The Breakout Of The 1st Marines From The Chosin Reservoir: An American Epic Of Courage – Part 17

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American artillery spotter checking range of his units shells during the Meuse-Argonne offensive, World War I. Location: France. Date taken: October 5, 1918. Photo courtesy of Life Magazine.

In addition to their highly experienced officers and NCOs both commanding their Marines and fighting with them, effective command and control was achieved by having functioning equipment, such as radios and other means of communications. This was especially critical for the forward artillery spotters and air control officers who called in the fire missions.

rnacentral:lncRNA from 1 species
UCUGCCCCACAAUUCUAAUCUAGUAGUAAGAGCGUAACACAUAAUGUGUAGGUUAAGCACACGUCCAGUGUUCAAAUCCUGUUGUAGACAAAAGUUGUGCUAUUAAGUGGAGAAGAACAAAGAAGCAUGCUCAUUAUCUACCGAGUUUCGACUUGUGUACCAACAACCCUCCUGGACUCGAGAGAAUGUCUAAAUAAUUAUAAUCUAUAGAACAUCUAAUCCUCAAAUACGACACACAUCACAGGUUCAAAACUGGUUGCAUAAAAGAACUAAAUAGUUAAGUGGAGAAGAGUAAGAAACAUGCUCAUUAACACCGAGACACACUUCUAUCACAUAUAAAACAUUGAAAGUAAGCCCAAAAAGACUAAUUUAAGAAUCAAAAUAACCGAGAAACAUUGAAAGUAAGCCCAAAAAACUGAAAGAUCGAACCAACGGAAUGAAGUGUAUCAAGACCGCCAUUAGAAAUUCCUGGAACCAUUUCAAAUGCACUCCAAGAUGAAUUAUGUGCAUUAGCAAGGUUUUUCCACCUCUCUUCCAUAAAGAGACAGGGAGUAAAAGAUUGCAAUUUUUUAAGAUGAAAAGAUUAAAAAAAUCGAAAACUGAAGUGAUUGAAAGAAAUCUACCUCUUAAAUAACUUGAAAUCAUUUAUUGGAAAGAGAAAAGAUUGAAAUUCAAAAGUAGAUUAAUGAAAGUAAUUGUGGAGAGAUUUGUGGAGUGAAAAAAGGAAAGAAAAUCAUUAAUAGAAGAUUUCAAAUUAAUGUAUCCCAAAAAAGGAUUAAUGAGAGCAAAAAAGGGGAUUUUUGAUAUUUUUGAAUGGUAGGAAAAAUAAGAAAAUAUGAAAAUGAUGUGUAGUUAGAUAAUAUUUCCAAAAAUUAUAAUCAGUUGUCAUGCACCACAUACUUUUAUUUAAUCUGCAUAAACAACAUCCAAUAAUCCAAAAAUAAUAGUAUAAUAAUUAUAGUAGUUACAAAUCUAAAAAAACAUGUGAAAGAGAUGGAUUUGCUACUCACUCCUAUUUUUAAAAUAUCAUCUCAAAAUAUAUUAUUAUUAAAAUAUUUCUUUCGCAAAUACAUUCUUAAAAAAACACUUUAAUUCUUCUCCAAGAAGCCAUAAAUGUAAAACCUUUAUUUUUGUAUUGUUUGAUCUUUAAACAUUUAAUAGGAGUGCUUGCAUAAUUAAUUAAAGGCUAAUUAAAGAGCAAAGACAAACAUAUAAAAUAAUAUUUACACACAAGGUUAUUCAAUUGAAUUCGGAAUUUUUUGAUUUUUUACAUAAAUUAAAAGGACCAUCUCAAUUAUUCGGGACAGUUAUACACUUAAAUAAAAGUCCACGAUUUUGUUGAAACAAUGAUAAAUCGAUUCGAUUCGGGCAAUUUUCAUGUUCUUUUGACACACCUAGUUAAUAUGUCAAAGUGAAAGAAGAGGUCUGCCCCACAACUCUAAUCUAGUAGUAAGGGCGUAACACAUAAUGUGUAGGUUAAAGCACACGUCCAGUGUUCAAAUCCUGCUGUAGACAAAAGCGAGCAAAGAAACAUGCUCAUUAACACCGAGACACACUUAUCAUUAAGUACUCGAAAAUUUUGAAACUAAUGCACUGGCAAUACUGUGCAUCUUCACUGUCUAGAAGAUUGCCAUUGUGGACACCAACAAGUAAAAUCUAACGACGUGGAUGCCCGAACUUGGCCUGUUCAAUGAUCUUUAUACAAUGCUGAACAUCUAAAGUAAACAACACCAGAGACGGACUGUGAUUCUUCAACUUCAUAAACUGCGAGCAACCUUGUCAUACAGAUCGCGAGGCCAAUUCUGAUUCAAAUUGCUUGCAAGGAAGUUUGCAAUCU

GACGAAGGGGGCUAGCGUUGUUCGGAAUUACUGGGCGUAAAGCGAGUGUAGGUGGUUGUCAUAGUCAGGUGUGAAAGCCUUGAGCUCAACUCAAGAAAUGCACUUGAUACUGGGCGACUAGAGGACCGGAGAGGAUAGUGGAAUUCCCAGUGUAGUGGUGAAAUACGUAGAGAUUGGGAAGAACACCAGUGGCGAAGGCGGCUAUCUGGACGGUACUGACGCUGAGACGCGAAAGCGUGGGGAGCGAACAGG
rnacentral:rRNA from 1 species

Prior to fighting the Americans, the Chinese Communist troops had not required this type of comprehensive command and control and they never learned how to do it during their fighting in Korea. US military experience with artillery spotters controlling fire missions went back to the First World War.

Harassing fire directed towards Japanese positions in Southern Okinawa begins during the early morning hours of May 11, 1945 as an all out offensive gets underway.

[Source: The Chinese Failure at Chosin By Patrick C. Roe, Major, USMC (Ret) Chairman, Chosin Few Historical Committee. Images courtesy of Life Magazine and the US National Archives.]

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Charles McCain

Charles McCain is a Washington DC based freelance journalist and novelist. He is the author of "An Honorable German," a World War Two naval epic. You can read more of his work on his website:

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